On March 1, 2022, the Gambling Commission announced that it had imposed a fine on 888 UK Limited (“888“) following a series of breaches of their license terms and codes of practice (“the LCCPThe LCCP sets out measures that betting operators must follow, with the aim of ensuring that they have implemented their own policies and procedures to help protect customers and prevent money laundering practices. of responsibility.
888 had previously been fined £7.8million in 2017 for their failure to protect vulnerable customers. Details of which can be found here.
Over the past few years, the Gaming Commission has also sanctioned various other betting operators for LCCP breaches. These include, but are not limited to:-
- Daub Alderney Limited – £7.1m
- Casumo Services Limited – £5.85 million
- Mr Green Limited – £3 million
- Betway Limited – £11.6 million
- Caesars Entertainment UK Limited – £13 million
Fines and penalties imposed and financial settlements reached with betting operators in 2022 up to March 1 already total £12,802,313 and this is likely to rise further throughout the year.
888 were not only fined, but also received an official warning from the Gambling Commission as well as a thorough audit of their policies and practices. It has been confirmed by the Director General of the Gaming Commission that “…if there is a repeat of the failures at 888, we must seriously examine the operator’s ability to meet licensing objectives and ensure gambling safety and freedom from crime.”
The findings of the Gambling Commission included:-
Failures of social responsibility
- “Failing to effectively identify players at risk of harm because their policies determined that financial checks should be carried out after a customer had deposited £40,000;
- Failing to conduct a customer interaction with a customer who has lost £37,000 over a six week period during the Covid-19 pandemic;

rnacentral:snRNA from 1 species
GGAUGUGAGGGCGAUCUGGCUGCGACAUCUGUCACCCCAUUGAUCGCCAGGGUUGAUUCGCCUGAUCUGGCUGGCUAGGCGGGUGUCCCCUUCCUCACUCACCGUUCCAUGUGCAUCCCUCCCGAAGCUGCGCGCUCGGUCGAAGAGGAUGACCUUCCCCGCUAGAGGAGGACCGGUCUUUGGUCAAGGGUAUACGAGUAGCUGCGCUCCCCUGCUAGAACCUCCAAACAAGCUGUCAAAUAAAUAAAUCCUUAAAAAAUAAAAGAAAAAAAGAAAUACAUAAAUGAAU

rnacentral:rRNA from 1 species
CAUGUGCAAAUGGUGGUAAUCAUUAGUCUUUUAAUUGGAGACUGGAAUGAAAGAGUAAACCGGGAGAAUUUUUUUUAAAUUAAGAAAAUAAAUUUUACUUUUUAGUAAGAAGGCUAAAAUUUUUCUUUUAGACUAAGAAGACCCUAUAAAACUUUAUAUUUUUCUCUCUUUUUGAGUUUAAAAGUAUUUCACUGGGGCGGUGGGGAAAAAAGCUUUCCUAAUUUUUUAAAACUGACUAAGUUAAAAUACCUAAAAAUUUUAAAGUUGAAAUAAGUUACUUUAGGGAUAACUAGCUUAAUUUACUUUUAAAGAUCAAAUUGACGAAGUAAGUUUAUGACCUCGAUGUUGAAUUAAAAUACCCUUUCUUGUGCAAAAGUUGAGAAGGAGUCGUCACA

- Disregard formal guidance from the Commission on interaction with customers;
- Giving a client they knew was an NHS worker earning £1,400 a month a monthly deposit cap of £1,300;
- Most of the interactions conducted consisted primarily of an email simply detailing responsible gambling tools and did not require a response from the customer;
- During a Commission assessment, there was no evidence that the operator was proactively imposing restrictions on accounts where social responsibility concerns had been raised;
- Not ensuring that if a customer has multiple accounts, those accounts are managed holistically for customer interaction and that financial limits can be implemented on all accounts. In one example, a client had one of his 11 accounts restricted due to source of funds (“FOS“), but he was allowed to open three more accounts and continue playing.”
Anti-money laundering defects:
- “Implementing a policy that customers were allowed to deposit £40,000 before performing SOF checks;
- Accept verbal assurances from clients as to employment income and rely on open source information to validate the SOF;
- Not specifying which documents must be requested as part of SOF checks;